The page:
Lisa Martz is a senior litigation lawyer with a wealth of advocacy and leadership experience — and she says she’s thrilled to have the chance to share what she’s learned with Allard Law students.
A graduate of Allard Law, Martz returned to the law school to teach in January 2021 as an adjunct professor and supervisor of the Judicial Externship program, before accepting her current a role as a lecturer in August 2022.
“When I stepped away from full-time practice as a civil litigation lawyer, I knew I wanted to get involved in work with a broader social impact,” says Martz. “Returning to the law school has allowed me not only to talk to students about so many of the useful ‘things I know now that I did not know then,’ but also to play a part in opening up the kind of reflective and questioning conversations about the legal profession and our justice system in which I think we all need to participate.”
In this Q&A, Martz shares her thoughts on teaching, ethics, and advocacy — and why students should consider applying to Allard Law’s Judicial Externship program.
What have you enjoyed most about your new role so far?
Finding ways to make the material feel relevant and interesting for students is a really stimulating challenge. I’ve been teaching for a few terms now and am surprised at how I want to keep switching things up. I also really love debunking the urban myths — about articling applications, career paths, et cetera — that seem to circulate amongst law students. There are so many of them! Anything I can do to make the process of planning for life after graduation less anxiety-provoking feels really gratifying.
What is the Judicial Externship program and why should students apply?
The Judicial Externship is a like a clerkship at the Provincial Court of BC — only before graduation. Third-year students spend a term working with judges at the Provincial Court full-time Monday-Thursday and then on Fridays we have a seminar where we debrief the students’ week at the Court and reflect on the broader systemic issues reflected in what the students have seen.
I am so excited to get students thinking about what kind of lawyer they want to be — not just in terms of practice area or work environment, but also in terms of how they conduct themselves.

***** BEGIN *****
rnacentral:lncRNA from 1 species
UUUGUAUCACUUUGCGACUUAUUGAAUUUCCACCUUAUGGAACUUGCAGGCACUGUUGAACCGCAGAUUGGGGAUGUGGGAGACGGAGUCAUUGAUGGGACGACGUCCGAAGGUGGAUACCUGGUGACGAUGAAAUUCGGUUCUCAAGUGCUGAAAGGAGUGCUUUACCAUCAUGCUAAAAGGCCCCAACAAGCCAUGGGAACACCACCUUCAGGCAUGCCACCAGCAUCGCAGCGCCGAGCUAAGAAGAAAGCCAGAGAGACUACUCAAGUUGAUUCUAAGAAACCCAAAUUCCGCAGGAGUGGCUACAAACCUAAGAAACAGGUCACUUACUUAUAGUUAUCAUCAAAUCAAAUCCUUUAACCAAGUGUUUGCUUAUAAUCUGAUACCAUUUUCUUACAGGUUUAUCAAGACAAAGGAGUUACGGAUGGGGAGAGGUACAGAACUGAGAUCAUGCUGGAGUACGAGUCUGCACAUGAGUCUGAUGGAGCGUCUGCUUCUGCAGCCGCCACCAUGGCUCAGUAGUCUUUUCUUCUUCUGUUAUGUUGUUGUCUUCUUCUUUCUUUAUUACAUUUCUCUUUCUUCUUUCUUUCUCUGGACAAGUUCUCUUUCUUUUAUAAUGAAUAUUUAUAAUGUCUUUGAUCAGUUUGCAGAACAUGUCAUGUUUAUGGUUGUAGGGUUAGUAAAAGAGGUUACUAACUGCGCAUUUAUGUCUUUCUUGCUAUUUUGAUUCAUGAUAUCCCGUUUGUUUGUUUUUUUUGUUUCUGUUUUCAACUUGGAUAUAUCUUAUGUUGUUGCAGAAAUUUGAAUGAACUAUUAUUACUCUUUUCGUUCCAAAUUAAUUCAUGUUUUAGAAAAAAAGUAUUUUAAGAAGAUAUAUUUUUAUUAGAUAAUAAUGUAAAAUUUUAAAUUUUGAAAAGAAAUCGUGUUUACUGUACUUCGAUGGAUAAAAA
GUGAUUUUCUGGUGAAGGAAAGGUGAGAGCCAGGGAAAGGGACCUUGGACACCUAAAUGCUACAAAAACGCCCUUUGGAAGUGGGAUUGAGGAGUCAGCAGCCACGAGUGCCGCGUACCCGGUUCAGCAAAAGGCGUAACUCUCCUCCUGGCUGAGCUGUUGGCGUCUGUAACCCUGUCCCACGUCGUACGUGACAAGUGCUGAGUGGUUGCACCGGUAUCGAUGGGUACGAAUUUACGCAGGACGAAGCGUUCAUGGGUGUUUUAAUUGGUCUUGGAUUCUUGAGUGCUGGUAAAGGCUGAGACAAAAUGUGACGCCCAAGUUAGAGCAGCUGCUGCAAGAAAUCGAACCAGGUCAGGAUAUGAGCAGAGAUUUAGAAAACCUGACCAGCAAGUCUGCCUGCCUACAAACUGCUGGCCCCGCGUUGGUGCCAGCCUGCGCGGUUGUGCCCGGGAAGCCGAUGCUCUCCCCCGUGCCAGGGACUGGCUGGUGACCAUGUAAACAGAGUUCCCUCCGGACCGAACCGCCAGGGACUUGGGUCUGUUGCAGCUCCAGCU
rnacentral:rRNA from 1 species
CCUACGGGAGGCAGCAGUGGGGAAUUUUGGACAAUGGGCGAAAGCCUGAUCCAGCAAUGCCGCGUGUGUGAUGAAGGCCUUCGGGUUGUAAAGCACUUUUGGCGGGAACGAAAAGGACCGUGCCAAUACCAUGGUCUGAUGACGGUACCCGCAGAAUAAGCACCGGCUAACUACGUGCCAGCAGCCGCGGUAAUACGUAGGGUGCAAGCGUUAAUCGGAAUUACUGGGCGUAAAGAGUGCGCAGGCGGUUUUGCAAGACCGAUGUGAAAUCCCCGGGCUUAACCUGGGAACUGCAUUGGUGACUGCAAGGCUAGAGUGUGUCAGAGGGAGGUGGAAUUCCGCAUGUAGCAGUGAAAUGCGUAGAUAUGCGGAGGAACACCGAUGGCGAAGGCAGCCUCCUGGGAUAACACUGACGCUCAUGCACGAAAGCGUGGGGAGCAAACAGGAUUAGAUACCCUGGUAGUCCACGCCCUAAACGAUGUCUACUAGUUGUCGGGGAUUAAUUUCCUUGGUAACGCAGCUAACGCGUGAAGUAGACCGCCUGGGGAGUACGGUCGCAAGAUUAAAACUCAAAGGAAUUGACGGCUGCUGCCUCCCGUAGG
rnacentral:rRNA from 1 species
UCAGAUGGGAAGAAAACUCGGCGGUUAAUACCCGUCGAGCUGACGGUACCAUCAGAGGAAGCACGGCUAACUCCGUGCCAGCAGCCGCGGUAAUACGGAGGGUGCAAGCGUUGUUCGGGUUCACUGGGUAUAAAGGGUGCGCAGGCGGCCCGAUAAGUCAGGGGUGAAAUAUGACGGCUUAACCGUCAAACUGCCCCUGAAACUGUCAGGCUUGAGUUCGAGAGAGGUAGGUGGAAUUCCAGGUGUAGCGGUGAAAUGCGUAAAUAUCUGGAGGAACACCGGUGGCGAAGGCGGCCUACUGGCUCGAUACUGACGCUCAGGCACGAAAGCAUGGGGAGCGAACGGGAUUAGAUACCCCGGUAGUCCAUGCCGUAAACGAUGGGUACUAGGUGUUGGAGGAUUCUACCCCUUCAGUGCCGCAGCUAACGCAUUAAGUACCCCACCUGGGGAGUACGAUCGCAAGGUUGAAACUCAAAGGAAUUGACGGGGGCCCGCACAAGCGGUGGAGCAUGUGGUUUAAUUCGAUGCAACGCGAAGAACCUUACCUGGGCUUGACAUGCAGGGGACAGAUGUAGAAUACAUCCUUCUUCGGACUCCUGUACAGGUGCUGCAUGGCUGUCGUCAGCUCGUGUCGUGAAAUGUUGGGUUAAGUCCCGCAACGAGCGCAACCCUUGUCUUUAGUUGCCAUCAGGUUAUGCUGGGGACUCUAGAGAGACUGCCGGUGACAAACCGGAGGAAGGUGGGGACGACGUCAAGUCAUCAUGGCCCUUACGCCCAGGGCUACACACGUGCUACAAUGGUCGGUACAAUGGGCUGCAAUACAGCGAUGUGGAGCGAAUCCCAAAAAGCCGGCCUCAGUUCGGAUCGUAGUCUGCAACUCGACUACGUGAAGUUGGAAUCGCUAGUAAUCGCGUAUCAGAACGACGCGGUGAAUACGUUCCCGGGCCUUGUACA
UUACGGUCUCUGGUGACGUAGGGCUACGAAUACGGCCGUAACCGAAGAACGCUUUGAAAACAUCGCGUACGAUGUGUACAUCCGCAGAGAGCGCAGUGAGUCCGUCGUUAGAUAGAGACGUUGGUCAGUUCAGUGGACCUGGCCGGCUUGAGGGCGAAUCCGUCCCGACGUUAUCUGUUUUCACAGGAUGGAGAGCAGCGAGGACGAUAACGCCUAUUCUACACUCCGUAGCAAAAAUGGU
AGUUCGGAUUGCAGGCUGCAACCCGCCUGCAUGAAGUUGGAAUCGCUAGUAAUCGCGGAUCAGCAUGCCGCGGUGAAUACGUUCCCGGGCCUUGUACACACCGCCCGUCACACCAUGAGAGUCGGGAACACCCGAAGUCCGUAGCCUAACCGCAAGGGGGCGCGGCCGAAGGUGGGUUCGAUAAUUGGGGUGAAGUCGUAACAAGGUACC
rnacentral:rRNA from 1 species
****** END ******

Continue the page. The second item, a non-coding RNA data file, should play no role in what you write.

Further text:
I think it’s a fantastic way to finish law school, whether you think you are headed for a litigation practice or just want to be an informed citizen. The Provincial Court judges who work with the students are so supportive and welcoming.
This semester you’re teaching a course on Legal Ethics & Professionalism. What are some of the ethical issues that come in your class that you find most fascinating?
I am so excited to get students thinking about what kind of lawyer they want to be — not just in terms of practice area or work environment, but also in terms of how they conduct themselves. There are definitely some bright lines that shouldn’t be crossed, but there is a lot of room to bring your own values into your professional life. The role of lawyers and the legal profession are changing and we all contribute to legal culture by how we participate in it.
What advice would you give to law students who are interested in a career as a litigator?
Look for opportunities to work with lawyers who will mentor you, wherever that might be. There are good lawyers in many different kinds of environments. Also recognize that effective advocacy doesn’t just happen in court. Learning how to be an advocate for your clients on phone calls, in correspondence and in meeting rooms is just as important as learning how to handle yourself on your feet in a courtroom.
I think the modern-day litigator should be thinking about how best to solve their client’s problems, with court being only one option — and, frankly, often the last one that should be pursued.
As an alum of the law school, what was most memorable about your time here?
The Gale Moot, hands down (and not just because we won!). Having the opportunity to work closely with faculty and volunteer judges honing our written and oral arguments over a period of months, and then getting to present them in very real court-like environments was an experience that prepared me for practice like nothing else.